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Failure rates were analyzed between patients who required up to 2days of HFNO therapy and those who required>2days of therapy. The use of HFNO therapy for≤2days was associated with 40.4% failure as compared to HFNO therapy use>2days which resulted in only 8.7% failure. Increased duration of HFNO therapy>2days was associated with significantly lesser incidence of failure of HFNO therapy(P=0.006). Most failures of HFNO therapy occurred in the first 2days of treatment(91.3%). There was no significant difference in mortality(P=0.422) or length of stay(P=0.931) with relation to duration of HFNO therapy. The results are illustrated in [Table 4], [Table 5] and [Figure3].
Table 4: Association of high flow nasal oxygen duration with failure rates, and mortality during intensive care units stay

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Table 5: Association of high flow nasal oxygen duration with length of intensive care units stay

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Figure3: High-flow nasal oxygen duration

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  Discussion Top


HFNO therapy is a novel method that involves administering patients with heated, humidified oxygen at high FiO2 levels with an additional advantage of improved compliance.[2] Ever since its introduction into clinical practice, the myriad uses of HFNO therapy have been studied in the emergency department, intensive care setting, and operating room.[3]

In a series of prospective observational studies, Sztrymf et al. have found benefit in managing patients with respiratory failure in a French intensive care setting.[4] Parke et al. studied the utility of HFNO therapy in preventing escalation in respiratory support in patients following cardiac surgery. There was a significant difference in the rates of stepping-up of respiratory support among patients managed on high-flow nasal cannula(27.8%) versus those patients managed on standard care(45%).[5]

The FLORALI trial which was conducted among nonhypercapnic hypoxemic critically ill patients revealed decreased 28-day mortality rates in patients receiving HFNO therapy when compared to NIV or standard oxygen face mask. Patients on HFNO therapy also had significantly higher number of ventilator-free days.[6] The beneficial effects of HFNO therapy are seen as early as 15min after initiation of HFNO therapy. They include increased oxygenation, reduced heart rate, respiratory rate, dyspnea scores, and accessory muscle use.[7] HFNO therapy has also been successfully used to maintain oxygenation during bronchoscopy and for preoxygenation before tracheal intubation among patients admitted in ICUs.[8],[9] More evidence has been available on the utility of HFNO therapy in patients with Acute Respiratory Distress Syndrome (ARDS) and postextubation patients who are at high risk for reintubation.[10],[11]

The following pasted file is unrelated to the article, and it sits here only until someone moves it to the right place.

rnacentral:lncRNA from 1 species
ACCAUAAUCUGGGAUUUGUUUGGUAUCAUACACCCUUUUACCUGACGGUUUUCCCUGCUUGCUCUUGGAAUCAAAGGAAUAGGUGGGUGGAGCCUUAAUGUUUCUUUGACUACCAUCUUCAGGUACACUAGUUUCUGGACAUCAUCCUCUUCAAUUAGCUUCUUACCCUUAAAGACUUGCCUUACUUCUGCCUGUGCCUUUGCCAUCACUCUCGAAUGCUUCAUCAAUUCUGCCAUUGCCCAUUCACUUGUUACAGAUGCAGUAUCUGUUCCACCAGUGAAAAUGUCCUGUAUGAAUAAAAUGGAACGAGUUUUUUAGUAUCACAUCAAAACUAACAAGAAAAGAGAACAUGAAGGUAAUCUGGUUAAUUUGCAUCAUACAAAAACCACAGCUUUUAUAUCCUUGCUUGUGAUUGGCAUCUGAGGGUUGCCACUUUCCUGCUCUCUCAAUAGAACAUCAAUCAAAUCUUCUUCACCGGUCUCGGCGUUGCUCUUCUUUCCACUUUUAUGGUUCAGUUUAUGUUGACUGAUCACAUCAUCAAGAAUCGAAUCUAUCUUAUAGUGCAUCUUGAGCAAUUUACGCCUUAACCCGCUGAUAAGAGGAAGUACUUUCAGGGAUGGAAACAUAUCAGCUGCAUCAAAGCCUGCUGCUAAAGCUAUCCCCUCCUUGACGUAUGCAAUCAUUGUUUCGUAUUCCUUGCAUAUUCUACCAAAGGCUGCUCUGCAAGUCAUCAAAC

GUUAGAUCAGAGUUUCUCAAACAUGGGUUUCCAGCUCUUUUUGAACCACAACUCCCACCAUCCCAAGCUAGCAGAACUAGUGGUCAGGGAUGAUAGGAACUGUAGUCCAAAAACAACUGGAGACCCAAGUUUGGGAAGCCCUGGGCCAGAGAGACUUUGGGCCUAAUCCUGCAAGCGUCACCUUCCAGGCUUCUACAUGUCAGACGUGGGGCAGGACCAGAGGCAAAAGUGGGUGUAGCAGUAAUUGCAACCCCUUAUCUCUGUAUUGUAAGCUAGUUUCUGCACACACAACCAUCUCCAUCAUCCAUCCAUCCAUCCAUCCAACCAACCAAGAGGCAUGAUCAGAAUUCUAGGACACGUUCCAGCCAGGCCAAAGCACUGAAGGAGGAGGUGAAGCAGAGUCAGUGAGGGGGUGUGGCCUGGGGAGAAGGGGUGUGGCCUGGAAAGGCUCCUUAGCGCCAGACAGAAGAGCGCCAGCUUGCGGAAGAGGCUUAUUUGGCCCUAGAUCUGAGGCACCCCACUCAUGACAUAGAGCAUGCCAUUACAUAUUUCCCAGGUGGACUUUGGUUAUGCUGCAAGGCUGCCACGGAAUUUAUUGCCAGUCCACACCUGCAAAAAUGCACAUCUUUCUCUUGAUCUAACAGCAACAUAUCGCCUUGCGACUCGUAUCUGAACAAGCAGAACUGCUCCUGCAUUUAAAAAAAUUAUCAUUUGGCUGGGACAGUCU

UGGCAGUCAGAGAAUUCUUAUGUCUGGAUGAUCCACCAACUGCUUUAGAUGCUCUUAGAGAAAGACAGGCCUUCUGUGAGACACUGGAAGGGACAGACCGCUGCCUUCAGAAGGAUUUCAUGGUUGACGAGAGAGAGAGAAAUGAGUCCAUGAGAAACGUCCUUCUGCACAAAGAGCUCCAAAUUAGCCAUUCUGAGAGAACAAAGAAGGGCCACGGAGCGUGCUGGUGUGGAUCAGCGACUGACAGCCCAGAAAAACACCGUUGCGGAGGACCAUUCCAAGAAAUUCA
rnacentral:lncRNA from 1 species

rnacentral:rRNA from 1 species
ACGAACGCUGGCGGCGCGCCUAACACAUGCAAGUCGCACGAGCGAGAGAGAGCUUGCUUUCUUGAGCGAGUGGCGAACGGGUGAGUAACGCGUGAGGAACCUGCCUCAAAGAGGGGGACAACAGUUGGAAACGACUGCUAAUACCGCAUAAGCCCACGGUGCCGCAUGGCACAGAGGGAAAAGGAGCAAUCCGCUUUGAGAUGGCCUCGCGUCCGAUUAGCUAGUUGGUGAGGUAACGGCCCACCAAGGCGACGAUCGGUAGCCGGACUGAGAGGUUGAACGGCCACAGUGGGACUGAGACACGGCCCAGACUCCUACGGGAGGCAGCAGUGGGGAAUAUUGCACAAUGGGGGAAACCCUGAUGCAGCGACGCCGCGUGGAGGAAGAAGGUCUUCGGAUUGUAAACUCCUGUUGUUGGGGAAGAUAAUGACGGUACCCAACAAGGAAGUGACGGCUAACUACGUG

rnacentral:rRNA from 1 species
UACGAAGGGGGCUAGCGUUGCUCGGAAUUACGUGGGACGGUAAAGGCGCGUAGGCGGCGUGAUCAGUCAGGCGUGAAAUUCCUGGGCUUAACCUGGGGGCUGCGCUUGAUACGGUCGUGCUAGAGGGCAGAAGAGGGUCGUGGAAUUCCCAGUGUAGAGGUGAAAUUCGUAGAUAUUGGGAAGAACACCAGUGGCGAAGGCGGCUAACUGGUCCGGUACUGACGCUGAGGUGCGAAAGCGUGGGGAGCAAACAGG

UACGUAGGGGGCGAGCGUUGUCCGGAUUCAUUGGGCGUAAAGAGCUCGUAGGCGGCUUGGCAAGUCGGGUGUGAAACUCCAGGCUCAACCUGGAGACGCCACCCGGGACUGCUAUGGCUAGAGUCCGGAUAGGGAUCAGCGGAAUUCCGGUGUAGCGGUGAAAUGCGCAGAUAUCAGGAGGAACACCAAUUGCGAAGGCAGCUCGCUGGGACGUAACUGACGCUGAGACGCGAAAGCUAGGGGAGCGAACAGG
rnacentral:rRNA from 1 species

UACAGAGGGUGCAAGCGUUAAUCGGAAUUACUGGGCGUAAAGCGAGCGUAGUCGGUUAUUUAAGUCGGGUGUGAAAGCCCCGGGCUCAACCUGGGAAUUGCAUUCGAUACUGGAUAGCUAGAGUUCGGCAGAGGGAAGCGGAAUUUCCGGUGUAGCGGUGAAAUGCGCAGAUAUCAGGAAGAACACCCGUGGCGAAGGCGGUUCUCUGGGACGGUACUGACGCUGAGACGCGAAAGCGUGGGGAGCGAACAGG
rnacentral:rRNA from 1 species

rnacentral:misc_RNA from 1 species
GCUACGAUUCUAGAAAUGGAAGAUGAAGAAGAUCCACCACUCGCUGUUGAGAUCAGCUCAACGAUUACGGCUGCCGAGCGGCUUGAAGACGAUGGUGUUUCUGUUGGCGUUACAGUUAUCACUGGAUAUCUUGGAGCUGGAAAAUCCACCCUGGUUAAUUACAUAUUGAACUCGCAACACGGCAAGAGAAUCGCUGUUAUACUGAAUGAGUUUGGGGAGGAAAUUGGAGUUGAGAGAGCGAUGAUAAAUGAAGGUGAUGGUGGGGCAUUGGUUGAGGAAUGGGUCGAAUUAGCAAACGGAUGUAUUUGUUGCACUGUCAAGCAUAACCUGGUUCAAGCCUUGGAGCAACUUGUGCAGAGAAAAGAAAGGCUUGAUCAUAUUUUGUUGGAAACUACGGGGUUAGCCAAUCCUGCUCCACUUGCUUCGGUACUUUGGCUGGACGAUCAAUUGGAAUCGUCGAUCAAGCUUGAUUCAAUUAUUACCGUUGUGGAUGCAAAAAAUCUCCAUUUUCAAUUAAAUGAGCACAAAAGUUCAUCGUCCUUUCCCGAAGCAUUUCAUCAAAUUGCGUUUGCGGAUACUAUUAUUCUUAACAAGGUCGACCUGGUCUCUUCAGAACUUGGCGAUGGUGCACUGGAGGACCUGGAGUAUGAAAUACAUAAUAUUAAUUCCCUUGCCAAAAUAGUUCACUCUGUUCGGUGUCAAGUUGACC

In this study, we analyzed the failure rates of HFNO therapy among adult patients in a 10-bedded adult critical care unit in an Indian tertiary care teaching hospital. 30.7% of patients who received HFNO therapy required an alternate mode, viz., NIV or invasive mechanical ventilation. This is comparable to the rates reported by Parke et al. Although the study conducted by Parke etal. was limited to cardiac surgery patients following extubation, our patient population included both surgical and medical patients who were admitted in the critical care unit with respiratory distress.[5] The use of HFNO therapy in preventing intubation in patients with chest trauma has not been studied previously. In our center, conversion to NIV or invasive mechanical ventilation was 33.3% among patients who were admitted with chest trauma(28% of patient population).

Conversion rates were not significantly different from patients with other diagnoses. Messika et al. studied the efficacy of HFNO therapy in patients with ARDS and reported an intubation rate of 40% among ARDS patients who were managed on high-flow nasal cannula.[10] Since our study included patients with sepsis who did not fit into ARDS, failure rates of HFNO therapy among patients with sepsis was much lower, i.e., 27%.